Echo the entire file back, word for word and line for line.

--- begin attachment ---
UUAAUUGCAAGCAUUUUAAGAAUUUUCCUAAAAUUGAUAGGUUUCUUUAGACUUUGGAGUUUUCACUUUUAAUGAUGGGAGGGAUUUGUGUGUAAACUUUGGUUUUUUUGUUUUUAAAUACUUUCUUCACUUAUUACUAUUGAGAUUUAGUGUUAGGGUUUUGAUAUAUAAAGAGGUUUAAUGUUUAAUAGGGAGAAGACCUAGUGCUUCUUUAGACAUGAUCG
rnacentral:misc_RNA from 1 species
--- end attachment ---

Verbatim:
UUAAUUGCAAGCAUUUUAAGAAUUUUCCUAAAAUUGAUAGGUUUCUUUAGACUUUGGAGUUUUCACUUUUAAUGAUGGGAGGGAUUUGUGUGUAAACUUUGGUUUUUUUGUUUUUAAAUACUUUCUUCACUUAUUACUAUUGAGAUUUAGUGUUAGGGUUUUGAUAUAUAAAGAGGUUUAAUGUUUAAUAGGGAGAAGACCUAGUGCUUCUUUAGACAUGAUCG
rnacentral:misc_RNA from 1 species